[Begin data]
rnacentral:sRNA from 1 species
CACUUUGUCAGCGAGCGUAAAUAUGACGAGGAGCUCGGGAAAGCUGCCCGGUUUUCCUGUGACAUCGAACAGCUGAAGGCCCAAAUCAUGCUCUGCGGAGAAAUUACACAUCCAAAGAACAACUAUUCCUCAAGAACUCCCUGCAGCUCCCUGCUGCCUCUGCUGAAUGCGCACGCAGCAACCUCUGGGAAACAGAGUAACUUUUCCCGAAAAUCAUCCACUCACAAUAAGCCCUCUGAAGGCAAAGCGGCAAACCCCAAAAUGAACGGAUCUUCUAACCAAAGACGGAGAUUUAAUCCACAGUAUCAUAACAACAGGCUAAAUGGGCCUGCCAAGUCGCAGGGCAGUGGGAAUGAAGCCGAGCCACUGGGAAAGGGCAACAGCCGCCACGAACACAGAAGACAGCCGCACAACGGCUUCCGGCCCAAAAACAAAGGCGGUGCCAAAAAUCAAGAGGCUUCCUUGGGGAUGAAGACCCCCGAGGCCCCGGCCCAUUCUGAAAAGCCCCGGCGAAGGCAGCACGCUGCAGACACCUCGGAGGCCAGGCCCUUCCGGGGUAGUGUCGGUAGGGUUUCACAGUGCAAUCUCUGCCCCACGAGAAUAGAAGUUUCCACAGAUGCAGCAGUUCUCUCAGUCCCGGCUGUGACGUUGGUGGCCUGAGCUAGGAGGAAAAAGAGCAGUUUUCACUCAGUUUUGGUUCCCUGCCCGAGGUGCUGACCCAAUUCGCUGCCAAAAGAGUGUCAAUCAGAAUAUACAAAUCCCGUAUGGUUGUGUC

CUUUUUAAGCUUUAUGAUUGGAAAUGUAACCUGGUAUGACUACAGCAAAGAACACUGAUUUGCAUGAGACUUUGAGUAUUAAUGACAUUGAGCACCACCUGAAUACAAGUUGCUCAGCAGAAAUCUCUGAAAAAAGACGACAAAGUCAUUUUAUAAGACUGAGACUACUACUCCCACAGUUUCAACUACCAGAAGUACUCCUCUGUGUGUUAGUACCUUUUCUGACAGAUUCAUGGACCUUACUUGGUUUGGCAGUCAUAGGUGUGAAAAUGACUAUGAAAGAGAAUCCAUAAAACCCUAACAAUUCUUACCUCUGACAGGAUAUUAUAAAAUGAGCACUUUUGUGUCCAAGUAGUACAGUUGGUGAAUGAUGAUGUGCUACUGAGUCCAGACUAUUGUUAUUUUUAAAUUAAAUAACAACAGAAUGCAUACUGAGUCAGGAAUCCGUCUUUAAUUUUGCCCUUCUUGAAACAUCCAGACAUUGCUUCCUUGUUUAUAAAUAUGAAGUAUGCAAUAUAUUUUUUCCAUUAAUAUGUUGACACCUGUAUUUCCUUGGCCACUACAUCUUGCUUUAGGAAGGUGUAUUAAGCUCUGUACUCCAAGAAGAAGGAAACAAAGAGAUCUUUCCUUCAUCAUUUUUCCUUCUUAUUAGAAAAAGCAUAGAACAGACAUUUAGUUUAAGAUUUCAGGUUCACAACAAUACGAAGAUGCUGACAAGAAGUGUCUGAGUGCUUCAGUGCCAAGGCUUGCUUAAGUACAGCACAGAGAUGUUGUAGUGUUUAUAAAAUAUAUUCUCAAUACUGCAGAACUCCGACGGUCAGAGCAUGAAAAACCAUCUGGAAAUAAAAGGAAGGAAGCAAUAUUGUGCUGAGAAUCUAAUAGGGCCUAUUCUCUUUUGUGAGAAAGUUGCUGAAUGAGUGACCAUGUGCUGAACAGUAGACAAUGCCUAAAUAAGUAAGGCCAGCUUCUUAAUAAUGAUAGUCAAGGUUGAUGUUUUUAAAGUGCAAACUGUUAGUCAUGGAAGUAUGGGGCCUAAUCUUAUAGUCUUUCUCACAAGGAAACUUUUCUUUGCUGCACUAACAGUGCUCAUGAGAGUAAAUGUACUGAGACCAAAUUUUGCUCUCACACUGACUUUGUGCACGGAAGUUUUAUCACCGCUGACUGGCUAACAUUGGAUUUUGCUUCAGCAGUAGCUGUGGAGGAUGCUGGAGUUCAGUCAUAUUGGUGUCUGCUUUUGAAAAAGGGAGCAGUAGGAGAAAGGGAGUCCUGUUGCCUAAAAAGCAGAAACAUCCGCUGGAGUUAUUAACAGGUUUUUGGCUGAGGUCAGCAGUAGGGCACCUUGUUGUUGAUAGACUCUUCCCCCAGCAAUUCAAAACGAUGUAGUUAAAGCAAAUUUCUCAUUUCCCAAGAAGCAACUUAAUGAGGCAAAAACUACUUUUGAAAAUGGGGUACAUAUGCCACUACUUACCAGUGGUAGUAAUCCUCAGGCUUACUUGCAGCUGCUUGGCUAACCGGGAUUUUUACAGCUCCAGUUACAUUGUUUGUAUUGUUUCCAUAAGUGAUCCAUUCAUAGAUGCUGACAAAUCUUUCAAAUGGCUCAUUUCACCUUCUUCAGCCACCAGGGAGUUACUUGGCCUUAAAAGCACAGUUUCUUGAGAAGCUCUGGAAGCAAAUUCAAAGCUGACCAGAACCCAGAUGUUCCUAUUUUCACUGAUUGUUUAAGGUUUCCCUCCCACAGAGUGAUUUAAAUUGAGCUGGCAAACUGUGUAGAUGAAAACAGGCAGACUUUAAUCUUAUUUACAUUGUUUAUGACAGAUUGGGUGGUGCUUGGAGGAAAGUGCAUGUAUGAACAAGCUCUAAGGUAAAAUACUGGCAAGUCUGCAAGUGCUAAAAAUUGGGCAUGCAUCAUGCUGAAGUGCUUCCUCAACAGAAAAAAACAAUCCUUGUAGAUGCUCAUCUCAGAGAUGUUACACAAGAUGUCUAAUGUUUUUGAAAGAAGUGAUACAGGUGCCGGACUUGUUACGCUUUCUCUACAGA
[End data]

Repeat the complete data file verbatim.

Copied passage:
rnacentral:sRNA from 1 species
CACUUUGUCAGCGAGCGUAAAUAUGACGAGGAGCUCGGGAAAGCUGCCCGGUUUUCCUGUGACAUCGAACAGCUGAAGGCCCAAAUCAUGCUCUGCGGAGAAAUUACACAUCCAAAGAACAACUAUUCCUCAAGAACUCCCUGCAGCUCCCUGCUGCCUCUGCUGAAUGCGCACGCAGCAACCUCUGGGAAACAGAGUAACUUUUCCCGAAAAUCAUCCACUCACAAUAAGCCCUCUGAAGGCAAAGCGGCAAACCCCAAAAUGAACGGAUCUUCUAACCAAAGACGGAGAUUUAAUCCACAGUAUCAUAACAACAGGCUAAAUGGGCCUGCCAAGUCGCAGGGCAGUGGGAAUGAAGCCGAGCCACUGGGAAAGGGCAACAGCCGCCACGAACACAGAAGACAGCCGCACAACGGCUUCCGGCCCAAAAACAAAGGCGGUGCCAAAAAUCAAGAGGCUUCCUUGGGGAUGAAGACCCCCGAGGCCCCGGCCCAUUCUGAAAAGCCCCGGCGAAGGCAGCACGCUGCAGACACCUCGGAGGCCAGGCCCUUCCGGGGUAGUGUCGGUAGGGUUUCACAGUGCAAUCUCUGCCCCACGAGAAUAGAAGUUUCCACAGAUGCAGCAGUUCUCUCAGUCCCGGCUGUGACGUUGGUGGCCUGAGCUAGGAGGAAAAAGAGCAGUUUUCACUCAGUUUUGGUUCCCUGCCCGAGGUGCUGACCCAAUUCGCUGCCAAAAGAGUGUCAAUCAGAAUAUACAAAUCCCGUAUGGUUGUGUC

CUUUUUAAGCUUUAUGAUUGGAAAUGUAACCUGGUAUGACUACAGCAAAGAACACUGAUUUGCAUGAGACUUUGAGUAUUAAUGACAUUGAGCACCACCUGAAUACAAGUUGCUCAGCAGAAAUCUCUGAAAAAAGACGACAAAGUCAUUUUAUAAGACUGAGACUACUACUCCCACAGUUUCAACUACCAGAAGUACUCCUCUGUGUGUUAGUACCUUUUCUGACAGAUUCAUGGACCUUACUUGGUUUGGCAGUCAUAGGUGUGAAAAUGACUAUGAAAGAGAAUCCAUAAAACCCUAACAAUUCUUACCUCUGACAGGAUAUUAUAAAAUGAGCACUUUUGUGUCCAAGUAGUACAGUUGGUGAAUGAUGAUGUGCUACUGAGUCCAGACUAUUGUUAUUUUUAAAUUAAAUAACAACAGAAUGCAUACUGAGUCAGGAAUCCGUCUUUAAUUUUGCCCUUCUUGAAACAUCCAGACAUUGCUUCCUUGUUUAUAAAUAUGAAGUAUGCAAUAUAUUUUUUCCAUUAAUAUGUUGACACCUGUAUUUCCUUGGCCACUACAUCUUGCUUUAGGAAGGUGUAUUAAGCUCUGUACUCCAAGAAGAAGGAAACAAAGAGAUCUUUCCUUCAUCAUUUUUCCUUCUUAUUAGAAAAAGCAUAGAACAGACAUUUAGUUUAAGAUUUCAGGUUCACAACAAUACGAAGAUGCUGACAAGAAGUGUCUGAGUGCUUCAGUGCCAAGGCUUGCUUAAGUACAGCACAGAGAUGUUGUAGUGUUUAUAAAAUAUAUUCUCAAUACUGCAGAACUCCGACGGUCAGAGCAUGAAAAACCAUCUGGAAAUAAAAGGAAGGAAGCAAUAUUGUGCUGAGAAUCUAAUAGGGCCUAUUCUCUUUUGUGAGAAAGUUGCUGAAUGAGUGACCAUGUGCUGAACAGUAGACAAUGCCUAAAUAAGUAAGGCCAGCUUCUUAAUAAUGAUAGUCAAGGUUGAUGUUUUUAAAGUGCAAACUGUUAGUCAUGGAAGUAUGGGGCCUAAUCUUAUAGUCUUUCUCACAAGGAAACUUUUCUUUGCUGCACUAACAGUGCUCAUGAGAGUAAAUGUACUGAGACCAAAUUUUGCUCUCACACUGACUUUGUGCACGGAAGUUUUAUCACCGCUGACUGGCUAACAUUGGAUUUUGCUUCAGCAGUAGCUGUGGAGGAUGCUGGAGUUCAGUCAUAUUGGUGUCUGCUUUUGAAAAAGGGAGCAGUAGGAGAAAGGGAGUCCUGUUGCCUAAAAAGCAGAAACAUCCGCUGGAGUUAUUAACAGGUUUUUGGCUGAGGUCAGCAGUAGGGCACCUUGUUGUUGAUAGACUCUUCCCCCAGCAAUUCAAAACGAUGUAGUUAAAGCAAAUUUCUCAUUUCCCAAGAAGCAACUUAAUGAGGCAAAAACUACUUUUGAAAAUGGGGUACAUAUGCCACUACUUACCAGUGGUAGUAAUCCUCAGGCUUACUUGCAGCUGCUUGGCUAACCGGGAUUUUUACAGCUCCAGUUACAUUGUUUGUAUUGUUUCCAUAAGUGAUCCAUUCAUAGAUGCUGACAAAUCUUUCAAAUGGCUCAUUUCACCUUCUUCAGCCACCAGGGAGUUACUUGGCCUUAAAAGCACAGUUUCUUGAGAAGCUCUGGAAGCAAAUUCAAAGCUGACCAGAACCCAGAUGUUCCUAUUUUCACUGAUUGUUUAAGGUUUCCCUCCCACAGAGUGAUUUAAAUUGAGCUGGCAAACUGUGUAGAUGAAAACAGGCAGACUUUAAUCUUAUUUACAUUGUUUAUGACAGAUUGGGUGGUGCUUGGAGGAAAGUGCAUGUAUGAACAAGCUCUAAGGUAAAAUACUGGCAAGUCUGCAAGUGCUAAAAAUUGGGCAUGCAUCAUGCUGAAGUGCUUCCUCAACAGAAAAAAACAAUCCUUGUAGAUGCUCAUCUCAGAGAUGUUACACAAGAUGUCUAAUGUUUUUGAAAGAAGUGAUACAGGUGCCGGACUUGUUACGCUUUCUCUACAGA